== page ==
She watched quiz games, wildlife and travel programmes, Midsomer Murders and reruns of the gentler comedy series.

‘University Challenge?’

‘They all look so scruffy.’

‘Goodness, Mother, you should see some of our students. The ones on television are quite presentable.’

‘There was a boy with green hair.’

‘That was years ago.’

‘All the same.’

They could continue bantering enjoyably in this way on and off until bedtime. It had taken Leslie some years to understand that Norah pretended to be grumpy and dissatisfied about small things – television programmes, the noise the neighbours made, bits and pieces in the local paper – as a safety valve. She was in continuous pain, she was limited in movement, confined to a couple of rooms, and about those things she never complained. Grumbling over the scruffiness of the young on TV was a way of letting out a scream of anguish and misery at her condition.

So he indulged her, let her grumble on. The actor who played the young detective in Midsomer Murders wasn’t as good as his predecessor; some of the wildlife programmes had too much chat from presenters and too little focus on the animals. He was used to it. He didn’t mind.

‘Hilary’s sister is expecting a baby, did I tell you?’

‘You did. When’s it due?’

‘Spring sometime. Ages yet. But of course Hilary’s thrilled to bits. They live only a few streets away from her.’

‘Yes, you said.’

Norah Blade never spoke a word against her carer and had never fallen out with her, even over something trivial.

They watched half of a vulgar new sitcom before Norah decided to go to bed.


‘I’ve got three new library books Hilary changed for me. They can’t be worse entertainment than this.’ She snapped the remote control button and the television died.

It was half past nine by the time she was settled. Leslie went into the kitchen and opened the window. He could see a few stars in the clearing sky. He cleared away the supper plates, then took out a fresh sliced loaf, cheese, tomatoes and a pack of ham, made the sandwiches, cut a bought fruit cake into slices and wrapped everything in foil. He put the food into a carrier bag, with half a dozen Mars bars, some apples and a flask of coffee. He always made enough for four, and if there were more, they had to share it.

He sometimes wondered if Hilary ever saw the large blocks of cheese and packs of butter in the fridge, the chocolate and biscuits in the cupboard, and wondered who ate so much food, and usually overnight; but his mother always said one of the best things about Hilary was that she was never nosy, never commented, waited to be told things and if she was not, did not ask.

He tidied up, then watched the news headlines. When he switched off the television, the house was very quiet. A car went past. Quiet again. They were at the end of the row, and the neighbours on the other side made little noise. He wondered if Norah might prefer to live in a livelier street, with more families passing by, children going to and from school; she spent a lot of time in her chair by the window. But she had lived in this house for fifty-three years. It had been his home all his life. There was no question of moving now.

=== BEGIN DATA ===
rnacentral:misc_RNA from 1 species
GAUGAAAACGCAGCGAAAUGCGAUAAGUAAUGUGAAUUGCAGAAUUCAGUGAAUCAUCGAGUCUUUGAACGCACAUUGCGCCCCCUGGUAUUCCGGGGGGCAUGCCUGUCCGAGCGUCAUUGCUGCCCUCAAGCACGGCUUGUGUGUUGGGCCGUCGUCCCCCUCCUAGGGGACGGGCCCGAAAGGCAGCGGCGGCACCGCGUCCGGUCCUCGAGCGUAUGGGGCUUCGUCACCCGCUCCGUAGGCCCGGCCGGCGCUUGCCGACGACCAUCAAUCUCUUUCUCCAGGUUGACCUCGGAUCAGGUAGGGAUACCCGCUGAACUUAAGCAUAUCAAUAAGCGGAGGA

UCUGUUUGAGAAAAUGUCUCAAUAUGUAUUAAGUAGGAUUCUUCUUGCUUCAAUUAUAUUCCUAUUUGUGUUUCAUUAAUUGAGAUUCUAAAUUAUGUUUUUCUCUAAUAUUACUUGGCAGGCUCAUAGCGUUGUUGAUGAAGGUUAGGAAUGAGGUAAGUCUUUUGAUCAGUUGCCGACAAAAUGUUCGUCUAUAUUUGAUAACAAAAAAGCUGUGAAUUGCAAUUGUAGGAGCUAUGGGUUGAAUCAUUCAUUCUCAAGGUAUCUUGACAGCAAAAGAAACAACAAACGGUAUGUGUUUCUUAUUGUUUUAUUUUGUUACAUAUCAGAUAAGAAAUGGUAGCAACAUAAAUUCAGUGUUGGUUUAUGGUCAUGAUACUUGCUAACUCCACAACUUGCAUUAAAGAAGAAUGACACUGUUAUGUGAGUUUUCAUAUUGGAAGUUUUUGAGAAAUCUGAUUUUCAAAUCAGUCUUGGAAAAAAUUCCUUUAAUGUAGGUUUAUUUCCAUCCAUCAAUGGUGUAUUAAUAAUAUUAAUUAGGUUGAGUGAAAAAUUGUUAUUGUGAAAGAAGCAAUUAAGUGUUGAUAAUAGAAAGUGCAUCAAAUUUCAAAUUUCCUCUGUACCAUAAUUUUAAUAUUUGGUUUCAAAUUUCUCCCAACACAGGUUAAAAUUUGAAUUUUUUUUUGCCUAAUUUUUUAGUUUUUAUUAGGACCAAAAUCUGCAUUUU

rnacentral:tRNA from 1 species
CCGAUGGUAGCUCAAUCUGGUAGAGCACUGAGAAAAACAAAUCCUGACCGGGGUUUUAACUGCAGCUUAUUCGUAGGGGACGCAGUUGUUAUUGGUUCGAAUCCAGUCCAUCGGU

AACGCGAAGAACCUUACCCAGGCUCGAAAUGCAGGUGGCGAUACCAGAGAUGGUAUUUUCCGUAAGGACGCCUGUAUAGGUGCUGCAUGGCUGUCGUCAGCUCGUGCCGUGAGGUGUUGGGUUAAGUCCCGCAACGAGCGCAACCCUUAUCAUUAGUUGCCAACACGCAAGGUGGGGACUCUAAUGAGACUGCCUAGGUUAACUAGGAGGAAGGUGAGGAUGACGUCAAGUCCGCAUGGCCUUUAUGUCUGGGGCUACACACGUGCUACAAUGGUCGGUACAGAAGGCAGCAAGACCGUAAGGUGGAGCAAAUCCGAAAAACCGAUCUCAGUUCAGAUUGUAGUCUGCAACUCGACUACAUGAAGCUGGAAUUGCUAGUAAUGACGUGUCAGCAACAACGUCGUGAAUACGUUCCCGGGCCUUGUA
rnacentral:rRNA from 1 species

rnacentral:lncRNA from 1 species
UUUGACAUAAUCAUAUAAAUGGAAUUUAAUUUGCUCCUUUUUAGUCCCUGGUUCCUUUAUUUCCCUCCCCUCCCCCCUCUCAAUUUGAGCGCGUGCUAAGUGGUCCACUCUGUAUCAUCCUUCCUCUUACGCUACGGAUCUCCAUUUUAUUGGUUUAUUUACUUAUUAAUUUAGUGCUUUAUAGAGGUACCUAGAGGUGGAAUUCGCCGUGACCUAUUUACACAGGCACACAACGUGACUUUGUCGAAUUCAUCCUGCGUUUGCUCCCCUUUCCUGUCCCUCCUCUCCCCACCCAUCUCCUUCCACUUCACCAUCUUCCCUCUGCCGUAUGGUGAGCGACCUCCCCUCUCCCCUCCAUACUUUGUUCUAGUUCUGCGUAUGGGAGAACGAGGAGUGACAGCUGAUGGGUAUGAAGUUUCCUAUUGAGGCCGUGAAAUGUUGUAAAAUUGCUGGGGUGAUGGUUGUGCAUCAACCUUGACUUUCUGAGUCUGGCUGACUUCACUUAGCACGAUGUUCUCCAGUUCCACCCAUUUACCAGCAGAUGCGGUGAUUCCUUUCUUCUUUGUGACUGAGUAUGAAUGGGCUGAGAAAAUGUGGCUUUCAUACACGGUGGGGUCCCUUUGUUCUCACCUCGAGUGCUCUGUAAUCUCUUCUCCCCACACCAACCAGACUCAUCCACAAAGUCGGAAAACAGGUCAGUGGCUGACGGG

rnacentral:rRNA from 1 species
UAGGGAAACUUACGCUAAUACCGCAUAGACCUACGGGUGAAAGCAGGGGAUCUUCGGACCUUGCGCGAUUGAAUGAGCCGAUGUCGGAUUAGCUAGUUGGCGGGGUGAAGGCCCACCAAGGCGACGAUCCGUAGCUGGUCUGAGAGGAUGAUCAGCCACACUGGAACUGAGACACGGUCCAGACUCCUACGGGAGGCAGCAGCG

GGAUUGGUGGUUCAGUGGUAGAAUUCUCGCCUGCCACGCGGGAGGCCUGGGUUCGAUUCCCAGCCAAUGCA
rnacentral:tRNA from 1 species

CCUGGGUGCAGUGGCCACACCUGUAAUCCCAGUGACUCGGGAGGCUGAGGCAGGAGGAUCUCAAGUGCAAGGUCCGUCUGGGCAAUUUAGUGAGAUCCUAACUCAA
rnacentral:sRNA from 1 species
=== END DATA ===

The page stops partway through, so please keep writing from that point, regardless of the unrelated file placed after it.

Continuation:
The front room, which had once been the dining room, had been made into a bedroom, now that Norah could no longer climb the stairs; there was a bathroom in a small extension. He went into the hall. There was no light coming from under her door, but he called her name softly a couple of times. Waited. Nothing. He opened the door slightly and stood listening to her soft breathing. The numbers glowed a strange alien green on her radio clock.

‘Goodnight, Mother.’

She did not reply.

But ten minutes later, hearing the soft click of the front door closing, Norah Blade opened her eyes. The house was settling back into itself. She listened. Leslie parked his car on the small piece of waste ground between their house and the block of flats. Sometimes she asked him why he bothered to keep it, whether it wasn’t too much of an expense, as he didn’t use it for work.

‘I take you to the hospital, I use it for shopping, we go out in the summer. You’d miss it.’

‘You could hire one.’

‘No, once you stop driving regularly you lose the skill.’

But he used it more often than that, Norah knew; he took the car at night, twice a week, though where he went and what he did she did not know nor would she ever ask. He was a grown man. He had a right to a private life. She felt guilty enough.

She strained her ears waiting until she heard him drive away down the road. The pain was never bad during this early part of the night because she was warm and comfortable propped on her special pillows, and the medication she took with a hot drink blurred the sharp edges for a time. But she never slept until Leslie came in, just lay in the darkness, strangely comforted by the green glow of the bedside clock. He would be out for a couple of hours and when she heard him return, she would fall asleep at once, until the pain and the stiffness in her limbs woke her again in the early hours.